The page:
• In P.S. Knight Co. Ltd. v. Canadian Standards Association 2018 FCA 222 the ownership of the copyright in the 2015 version of the CSA Electrical Code was in issue. The evidence before the Federal Court established that the amendments to the Code that were included in the 2015 version of the Code were developed by a committee set up under the auspices of the CSA. The members of that committee as well as representatives of the CSA expended time and effort to produce the 2015 version of the Code. Members of the committee included two CSA employees as well as several representatives of provincial, territorial and municipal electrical inspection authorities, certain federal departments and agencies and industry, labour and educational associations. The committee members who were not employed by the CSA had signed agreements, assigning to the CSA the copyright in the amendments developed by the committee that were incorporated into the 2015 version of the Code. The trial judge found that CSA was the owner of the copyright in the 2015 version of the Code.
  • On appeal the Federal Court of Appeal said that the fact that the amendments to the 2015 CSA Code were developed by committee did not prevent the 2015 version of the Code from being subject to copyright as the Act extends copyright to compilations. A compilation of literary works includes "a work resulting from the selection or arrangement of data" and "fact that a work is included in a compilation does not decrease or otherwise affect the protection conferred by the(sic) Act in respect of the copyright in the work."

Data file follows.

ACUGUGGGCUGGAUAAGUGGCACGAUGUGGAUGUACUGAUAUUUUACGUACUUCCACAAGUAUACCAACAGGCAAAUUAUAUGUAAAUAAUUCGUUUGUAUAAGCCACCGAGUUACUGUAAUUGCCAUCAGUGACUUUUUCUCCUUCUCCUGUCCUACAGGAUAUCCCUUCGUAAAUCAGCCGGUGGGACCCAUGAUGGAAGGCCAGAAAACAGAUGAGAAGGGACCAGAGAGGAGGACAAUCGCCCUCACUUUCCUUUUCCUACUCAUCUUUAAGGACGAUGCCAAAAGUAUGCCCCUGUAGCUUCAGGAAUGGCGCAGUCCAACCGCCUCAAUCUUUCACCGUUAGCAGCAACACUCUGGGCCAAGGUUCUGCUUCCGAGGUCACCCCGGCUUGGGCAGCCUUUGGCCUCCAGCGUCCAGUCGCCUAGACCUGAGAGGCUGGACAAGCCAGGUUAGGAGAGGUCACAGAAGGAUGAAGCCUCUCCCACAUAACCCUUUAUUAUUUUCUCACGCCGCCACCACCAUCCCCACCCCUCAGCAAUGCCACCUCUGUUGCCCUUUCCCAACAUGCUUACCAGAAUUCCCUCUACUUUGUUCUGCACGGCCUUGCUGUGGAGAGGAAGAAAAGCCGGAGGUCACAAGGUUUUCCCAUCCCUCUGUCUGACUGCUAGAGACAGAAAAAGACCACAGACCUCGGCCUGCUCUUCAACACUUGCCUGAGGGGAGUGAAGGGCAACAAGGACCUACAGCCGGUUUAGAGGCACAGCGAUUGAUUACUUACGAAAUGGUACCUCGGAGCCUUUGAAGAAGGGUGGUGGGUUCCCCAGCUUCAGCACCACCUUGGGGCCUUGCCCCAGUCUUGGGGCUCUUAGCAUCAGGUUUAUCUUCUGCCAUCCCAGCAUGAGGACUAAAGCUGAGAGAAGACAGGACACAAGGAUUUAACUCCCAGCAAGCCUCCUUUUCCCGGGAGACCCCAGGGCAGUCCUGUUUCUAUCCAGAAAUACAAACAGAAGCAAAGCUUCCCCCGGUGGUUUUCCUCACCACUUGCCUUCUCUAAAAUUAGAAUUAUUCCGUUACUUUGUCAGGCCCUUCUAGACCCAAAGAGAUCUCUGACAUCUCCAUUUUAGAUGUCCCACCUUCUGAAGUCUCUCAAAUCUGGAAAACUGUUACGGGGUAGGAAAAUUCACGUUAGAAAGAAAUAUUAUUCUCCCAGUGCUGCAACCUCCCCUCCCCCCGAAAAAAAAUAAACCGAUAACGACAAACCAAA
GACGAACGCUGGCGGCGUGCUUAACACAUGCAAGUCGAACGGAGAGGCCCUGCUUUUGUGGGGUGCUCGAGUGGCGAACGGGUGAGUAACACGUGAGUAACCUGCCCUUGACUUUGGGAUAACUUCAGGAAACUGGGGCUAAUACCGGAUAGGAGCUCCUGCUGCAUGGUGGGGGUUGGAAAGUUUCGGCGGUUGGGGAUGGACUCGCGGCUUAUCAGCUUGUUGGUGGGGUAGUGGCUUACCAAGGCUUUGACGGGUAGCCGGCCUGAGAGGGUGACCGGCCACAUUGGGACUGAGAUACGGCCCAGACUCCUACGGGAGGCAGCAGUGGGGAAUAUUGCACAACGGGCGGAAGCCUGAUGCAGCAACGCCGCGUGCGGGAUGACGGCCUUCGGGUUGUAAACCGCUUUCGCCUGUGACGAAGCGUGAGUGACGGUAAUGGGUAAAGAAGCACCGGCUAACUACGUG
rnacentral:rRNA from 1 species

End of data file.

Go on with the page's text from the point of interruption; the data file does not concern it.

Although regulations share certain characteristics with statutes, orders-in-council and proclamations, they are a new legal concept that did not exist when the Crown's right to print and publish was recognized at common law and therefore fall outside the scope of the Crown's common law right. The prerogative should not be regarded as any wider today than it was three centuries ago. Further, the incorporation by reference of a standard into legislation is an entirely new legal concept, not a mere technological development and documents so incorporated cannot become subject to the Crown's common law right without considerably broadening it.

    The term "person", as defined by subsection 35(1) of the Interpretation Act, "includes a corporation" and if a corporation's name is printed on the work it is presumed by virtue of paragraph 34.1(2)(b) to be the owner of the copyright in the Code. The term "author" is not defined in the Act but refers to a natural person. A corporation cannot benefit from the presumption in paragraph 34.1(2)(a) of the Act.

    An application for leave to appeal this decision to the Supreme Court of Canada is pending.

  • In Shaver-Kudell Manufacturing Inc. v. Knight Manufacturing Inc. 2018 ONSC 5206 it was found that confidential information can include special knowledge about the employer's customers and knowledge of the employer's policies and procedures that would make it possible to undercut the former employer and induce the customers to change to the new supplier as well as customer lists. The courts have found a misuse of confidential information not only when an employee departed with a copy of the customer list, but also where an employee memorized the list.

The content of this article is intended to provide a general guide to the subject matter. Specialist advice should be sought about your specific circumstances.